Thursday, October 29, 2009

Elderberry syrup

The elder tree was used to ward off evil influences and protect you from witches, according to folklore in many countries. If an elder tree was cut down, a spirit known as the Elder Mother would be released and take her revenge. The tree could only safely be cut while chanting a rhyme to the Elder Mother.

And speaking of elderberries, elderberry syrup is an excellent remedy for the flu. It contains flavonoids and anthocyanins that have been shown in scientific studies to stimulate the immune system and have anti-inflammatory qualities (say goodbye to those aches and pains).

However, only the extract is shown to have these qualities, so don't really expect some jam on your toast to keep the flu at bay. Black elderberry extract can be given to both children and adults without any known side effects or negative interactions.

The syrup is easy to make, and once it's done I would store it in a clean, glass jar in your fridge. The recipe has a lot of sugar in it, so it will stay good for a very long time.

Dosage: 1 teaspoon–1 tablespoon (5–15 ml) for children, 2 teaspoons–2 tablespoons (10–30 ml) for adults) can be taken twice daily.

Note: Elderberries ARE POISONOUS until they have been cooked. Black elderberries should be used for the extract and they shouldn't be eaten raw. The toxin is located in a coating that surrounds the seed on the inside of the berry. When you cook the berries, the mashing and heat helps to release this toxic coating. This means that a thin layer of goop will line your pan after you cook the berries, you can either use a pan you've been meaning to throw away (though I don't advocate that) or you can use a little kerosene to clean it up. And you were thinking those raw berries looked tasty...

Also, this stuff STAINS so if you don't want it to get stained, to wear/use it.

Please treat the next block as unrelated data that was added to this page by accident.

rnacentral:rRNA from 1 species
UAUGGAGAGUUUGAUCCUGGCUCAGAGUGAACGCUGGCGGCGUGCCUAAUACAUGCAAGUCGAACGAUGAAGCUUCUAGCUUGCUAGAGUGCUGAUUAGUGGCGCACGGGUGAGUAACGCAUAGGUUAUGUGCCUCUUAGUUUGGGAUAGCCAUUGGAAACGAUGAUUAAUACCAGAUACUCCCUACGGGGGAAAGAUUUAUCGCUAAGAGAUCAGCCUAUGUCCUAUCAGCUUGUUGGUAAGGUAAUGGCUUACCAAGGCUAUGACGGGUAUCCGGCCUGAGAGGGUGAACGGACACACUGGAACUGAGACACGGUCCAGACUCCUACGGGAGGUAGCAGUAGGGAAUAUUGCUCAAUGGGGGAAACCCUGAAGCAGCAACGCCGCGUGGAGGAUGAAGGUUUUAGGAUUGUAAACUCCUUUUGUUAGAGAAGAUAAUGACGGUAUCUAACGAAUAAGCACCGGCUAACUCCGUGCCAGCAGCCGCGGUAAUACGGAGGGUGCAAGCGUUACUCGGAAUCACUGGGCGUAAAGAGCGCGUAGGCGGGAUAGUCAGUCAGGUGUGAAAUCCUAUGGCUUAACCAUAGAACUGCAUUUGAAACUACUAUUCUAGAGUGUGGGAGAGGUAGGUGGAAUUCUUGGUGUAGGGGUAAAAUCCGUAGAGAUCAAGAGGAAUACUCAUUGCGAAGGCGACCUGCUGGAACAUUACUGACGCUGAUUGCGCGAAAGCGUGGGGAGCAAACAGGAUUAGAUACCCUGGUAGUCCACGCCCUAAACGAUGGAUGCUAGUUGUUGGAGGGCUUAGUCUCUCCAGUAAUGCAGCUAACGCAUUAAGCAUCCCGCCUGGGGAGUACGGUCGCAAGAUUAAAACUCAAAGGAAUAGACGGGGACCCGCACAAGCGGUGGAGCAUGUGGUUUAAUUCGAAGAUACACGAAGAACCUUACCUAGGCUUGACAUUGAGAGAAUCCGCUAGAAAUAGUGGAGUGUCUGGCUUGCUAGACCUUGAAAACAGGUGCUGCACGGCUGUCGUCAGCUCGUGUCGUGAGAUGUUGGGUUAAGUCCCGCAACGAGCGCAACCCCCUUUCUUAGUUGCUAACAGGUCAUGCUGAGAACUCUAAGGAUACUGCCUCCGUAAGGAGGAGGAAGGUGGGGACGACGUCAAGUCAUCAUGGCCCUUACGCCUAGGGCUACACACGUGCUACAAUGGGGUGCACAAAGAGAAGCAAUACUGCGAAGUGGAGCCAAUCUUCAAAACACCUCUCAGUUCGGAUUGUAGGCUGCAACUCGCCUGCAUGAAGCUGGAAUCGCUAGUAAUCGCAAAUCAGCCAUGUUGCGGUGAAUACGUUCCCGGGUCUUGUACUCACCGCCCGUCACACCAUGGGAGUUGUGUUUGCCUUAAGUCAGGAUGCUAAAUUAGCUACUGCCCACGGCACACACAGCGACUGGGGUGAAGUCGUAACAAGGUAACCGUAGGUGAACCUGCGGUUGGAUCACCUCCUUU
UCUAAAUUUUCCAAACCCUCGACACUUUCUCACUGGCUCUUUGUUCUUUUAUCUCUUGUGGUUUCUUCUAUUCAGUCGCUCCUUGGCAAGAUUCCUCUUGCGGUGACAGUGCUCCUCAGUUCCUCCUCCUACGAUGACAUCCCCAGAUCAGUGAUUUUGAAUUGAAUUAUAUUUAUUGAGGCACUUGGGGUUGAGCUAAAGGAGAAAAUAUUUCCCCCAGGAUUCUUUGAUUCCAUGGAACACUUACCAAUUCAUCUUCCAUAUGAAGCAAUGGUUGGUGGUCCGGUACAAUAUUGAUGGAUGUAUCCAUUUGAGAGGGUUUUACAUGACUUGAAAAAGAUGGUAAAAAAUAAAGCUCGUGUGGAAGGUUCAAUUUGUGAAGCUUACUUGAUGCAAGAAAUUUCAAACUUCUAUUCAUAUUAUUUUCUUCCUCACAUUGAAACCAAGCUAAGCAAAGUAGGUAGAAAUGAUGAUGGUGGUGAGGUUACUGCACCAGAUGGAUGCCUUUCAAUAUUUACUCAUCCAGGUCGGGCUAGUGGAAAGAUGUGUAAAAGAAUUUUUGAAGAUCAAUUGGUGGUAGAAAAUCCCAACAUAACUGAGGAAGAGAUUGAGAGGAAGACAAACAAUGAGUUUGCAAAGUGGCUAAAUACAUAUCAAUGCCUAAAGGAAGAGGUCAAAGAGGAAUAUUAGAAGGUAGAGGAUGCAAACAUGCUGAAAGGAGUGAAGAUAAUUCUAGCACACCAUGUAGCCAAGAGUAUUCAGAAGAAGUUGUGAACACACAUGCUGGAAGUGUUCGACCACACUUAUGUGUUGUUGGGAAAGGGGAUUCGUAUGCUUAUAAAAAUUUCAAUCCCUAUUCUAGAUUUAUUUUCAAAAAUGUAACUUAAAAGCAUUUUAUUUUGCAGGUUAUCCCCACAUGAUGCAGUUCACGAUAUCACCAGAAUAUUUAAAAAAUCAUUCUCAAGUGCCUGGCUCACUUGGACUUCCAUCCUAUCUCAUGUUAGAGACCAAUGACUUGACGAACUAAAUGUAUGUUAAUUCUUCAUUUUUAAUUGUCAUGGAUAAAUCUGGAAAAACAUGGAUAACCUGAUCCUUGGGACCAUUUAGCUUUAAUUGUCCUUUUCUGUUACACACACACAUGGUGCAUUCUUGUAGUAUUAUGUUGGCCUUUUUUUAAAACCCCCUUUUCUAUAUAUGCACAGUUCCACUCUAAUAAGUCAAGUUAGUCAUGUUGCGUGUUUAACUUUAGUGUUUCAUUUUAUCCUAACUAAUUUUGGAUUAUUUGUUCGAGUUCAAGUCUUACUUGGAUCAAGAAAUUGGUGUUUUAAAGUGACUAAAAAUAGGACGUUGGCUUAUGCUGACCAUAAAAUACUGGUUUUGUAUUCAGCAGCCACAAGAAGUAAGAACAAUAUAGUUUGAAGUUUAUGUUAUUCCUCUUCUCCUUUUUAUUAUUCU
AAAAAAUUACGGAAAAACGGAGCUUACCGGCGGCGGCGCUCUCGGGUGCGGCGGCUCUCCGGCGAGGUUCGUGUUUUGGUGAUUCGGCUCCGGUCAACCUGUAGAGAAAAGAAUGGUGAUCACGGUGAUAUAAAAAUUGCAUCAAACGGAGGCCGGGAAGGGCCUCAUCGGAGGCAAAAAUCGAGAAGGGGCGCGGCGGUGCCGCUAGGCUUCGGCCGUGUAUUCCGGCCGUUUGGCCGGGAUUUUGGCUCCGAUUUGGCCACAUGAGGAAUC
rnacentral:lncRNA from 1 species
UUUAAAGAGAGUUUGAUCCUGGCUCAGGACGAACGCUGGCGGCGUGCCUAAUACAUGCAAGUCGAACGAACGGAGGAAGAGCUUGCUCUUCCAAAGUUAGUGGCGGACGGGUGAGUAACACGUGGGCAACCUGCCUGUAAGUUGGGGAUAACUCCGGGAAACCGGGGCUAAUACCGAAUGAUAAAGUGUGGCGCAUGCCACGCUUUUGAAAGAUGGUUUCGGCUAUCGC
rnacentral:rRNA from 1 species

A 5-gallon bucket that is between half-full (at least) and 3/4-full of shucked black elderberries (berries that have already been removed from the stems). You will have an overflowing bucket if the berries haven't been picked off the stems yet.

1-1/2 to 2 c. sugar (depends on if you half half a bucket or 3/4 of one)

1/2 c. water and NO MORE.

2 juicy lemons


A potato masher

A long-handled spoon (wooden is best)

A pan that you don't mind ruining, throwing away, or using a lot of elbow grease on to get clean.

Place all the berries in a large pot (a stockpot works good) with a half cup of water and bring to a boil.

Slowly stir in the sugar and reduce heat to a nice simmer. Use the potato masher to squash up all the berries until they're nice and mushy. Get it a good squashing and stirring every 15 minutes or so.

Let cook for at least an hour or until reduced (the syrup will completely coat the back of the spoon).

When the berries are done, give them a good final mashing. At this point you can squeeze in the juice of two lemons (this is a very important step, it cuts the bitterness of the berries and makes the syrup palatable).

Strain the syrup through the cheesecloth into a large, clean, glass jug (I use a tea pitcher). It will make a lot of syrup. Store in the fridge and take daily!

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